The Most Useless Form on the Planet

Imagine this: you’ve had the shift from hell, no beds, every other patient is moments away from seeing Jesus/Allah/Buddha and to top it off, the department is down three nurses, another nurse is transporting the multisystem trauma downtown, and you feel really think working conditions were unsafe for both you and more importantly, your patients. So you go to your unit union rep — in the case of most Ontario nurses, from the Ontario Nurses Association — and she says, No problem. Just fill out this document, the Professional Responsibility Workload Form, in either Official Language, in quadruplicate, and all will be well.

Oh, I forgot. Here’s page 2:

So it’s 0730, you’re coming off nights from the shift in which you thought you might finally go postal, and you’re union rep is telling you to fill out this form. The chance of it getting completed? Is zero too high an estimate? Here’s a hint: there’s a four-page guide on how to effectively fill out the form.* And if the form is actually filled out? The union (I think) is supposed to meet with  management to discuss the (completed) form, but in truth I have never heard of any outcome of such a meeting, or if in fact such meetings exist. One suspects when the union raises workload issues with management — encompassing such items as competency, patient safety, you know, important things — management says, “It is what it is,” and with a nod and a wink the union goes off to collect its membership dues. In short, we’ve filled out these forms for as long as I’ve been a nurse, and nothing has ever changed as a result.

It seems, to me anyway, that the Professional Responsibility Workload Form is a classic example of appearing to address an issue, while in fact doing absolutely nothing. Doing so lets both the union and managers off the hook for the deteriorating quality of nursing work life. I don’t think I am being unduly harsh. There is a distinct lack of accountability and transparency around these forms, and it’s symptomatic of a general complacency within ONA’s leadership about issues affecting front line nurse. Given that ONAs 57,000 members each pay nearly a thousand dollars annually in dues, you think someone would come up with a better process to watch workload issues.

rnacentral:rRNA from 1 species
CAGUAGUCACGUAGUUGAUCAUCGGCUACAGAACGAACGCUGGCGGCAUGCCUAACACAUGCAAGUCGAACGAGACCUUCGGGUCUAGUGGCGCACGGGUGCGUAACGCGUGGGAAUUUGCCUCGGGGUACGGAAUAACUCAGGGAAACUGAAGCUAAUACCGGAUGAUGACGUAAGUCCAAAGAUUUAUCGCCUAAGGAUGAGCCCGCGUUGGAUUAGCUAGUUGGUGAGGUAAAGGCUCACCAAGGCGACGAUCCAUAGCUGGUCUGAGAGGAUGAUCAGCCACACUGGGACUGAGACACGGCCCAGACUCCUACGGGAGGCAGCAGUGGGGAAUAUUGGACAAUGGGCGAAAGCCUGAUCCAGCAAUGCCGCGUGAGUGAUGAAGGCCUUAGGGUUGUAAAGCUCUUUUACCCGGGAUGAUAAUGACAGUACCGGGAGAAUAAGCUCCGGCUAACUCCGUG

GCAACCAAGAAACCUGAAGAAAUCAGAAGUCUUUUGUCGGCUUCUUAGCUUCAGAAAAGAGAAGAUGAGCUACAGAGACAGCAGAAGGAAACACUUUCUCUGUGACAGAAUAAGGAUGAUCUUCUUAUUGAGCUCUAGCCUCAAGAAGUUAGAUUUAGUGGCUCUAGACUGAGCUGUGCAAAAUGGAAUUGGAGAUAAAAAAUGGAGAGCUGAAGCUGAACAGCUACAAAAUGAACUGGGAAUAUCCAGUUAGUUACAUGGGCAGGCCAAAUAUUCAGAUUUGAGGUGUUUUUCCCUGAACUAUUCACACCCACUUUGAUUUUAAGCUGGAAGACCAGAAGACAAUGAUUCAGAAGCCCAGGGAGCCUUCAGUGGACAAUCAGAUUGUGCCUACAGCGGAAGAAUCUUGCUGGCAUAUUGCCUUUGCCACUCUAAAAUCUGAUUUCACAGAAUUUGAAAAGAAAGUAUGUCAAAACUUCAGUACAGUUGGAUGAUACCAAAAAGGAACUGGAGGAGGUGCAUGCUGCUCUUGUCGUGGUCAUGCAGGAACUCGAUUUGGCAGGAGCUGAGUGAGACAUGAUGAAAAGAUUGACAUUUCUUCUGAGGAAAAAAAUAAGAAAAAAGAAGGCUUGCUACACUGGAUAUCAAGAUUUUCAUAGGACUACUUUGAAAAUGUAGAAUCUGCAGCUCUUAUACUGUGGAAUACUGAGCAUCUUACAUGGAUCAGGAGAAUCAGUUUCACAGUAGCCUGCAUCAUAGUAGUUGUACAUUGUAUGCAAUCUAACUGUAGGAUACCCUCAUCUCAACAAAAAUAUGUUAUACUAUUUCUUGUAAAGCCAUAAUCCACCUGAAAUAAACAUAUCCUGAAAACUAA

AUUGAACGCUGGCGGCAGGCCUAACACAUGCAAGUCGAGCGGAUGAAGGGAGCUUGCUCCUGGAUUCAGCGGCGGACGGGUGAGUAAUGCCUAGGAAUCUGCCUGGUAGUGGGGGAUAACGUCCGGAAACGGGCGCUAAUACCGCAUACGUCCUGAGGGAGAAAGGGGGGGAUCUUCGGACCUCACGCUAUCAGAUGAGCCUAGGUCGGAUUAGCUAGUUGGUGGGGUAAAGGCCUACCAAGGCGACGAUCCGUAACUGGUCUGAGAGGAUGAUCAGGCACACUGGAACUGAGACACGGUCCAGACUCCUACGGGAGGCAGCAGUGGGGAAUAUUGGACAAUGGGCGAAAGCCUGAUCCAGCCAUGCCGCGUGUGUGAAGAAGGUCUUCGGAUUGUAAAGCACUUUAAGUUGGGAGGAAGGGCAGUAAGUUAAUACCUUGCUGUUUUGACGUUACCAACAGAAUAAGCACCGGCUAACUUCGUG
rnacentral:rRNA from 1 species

*The statement on the top of the guide made me laugh out loud:

“ONA members indicate it is important and worth the work to complete Professional Responsibility Workload (PRW) Report forms.”

I am not very clear which ONA members the union leadership was speaking to. Not anyone, I’m guessing, from an emerg.

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  1. #1 by Beth Boynton, RN, MS on Friday 24 June 2011 - 1218

    Ya know, I appreciate this post. My values are often in line w/ Labor Union efforts, but the process is not for me. It feels more like a power struggle than anything else.

    I’d much rather facilitate respectful conversations between leadership and staff. I have this crazy belief that when nurses speak up respectfully and leaders listen respectfully, we’ll be able collaborate effectively. THIS is what will lead us to more equitable, safer, more cost-effective care AND more rewarding/healthier carreers!


  2. #2 by Canuck on Sunday 26 June 2011 - 2112

    Well said! The last thing I want to complete at the end of a hectic shift is that damn form!

  3. #3 by CC on Tuesday 05 July 2011 - 1140

    I fill them out anyway.

    I was told that the effectiveness of this form is….if not resolved, it would go to the hospital board which is a public forum….and apparently the hospitals don’t want any of these complaints known….so however burdensome the process is….it’s all we’eve got.

    Sad, I know.

  1. turban

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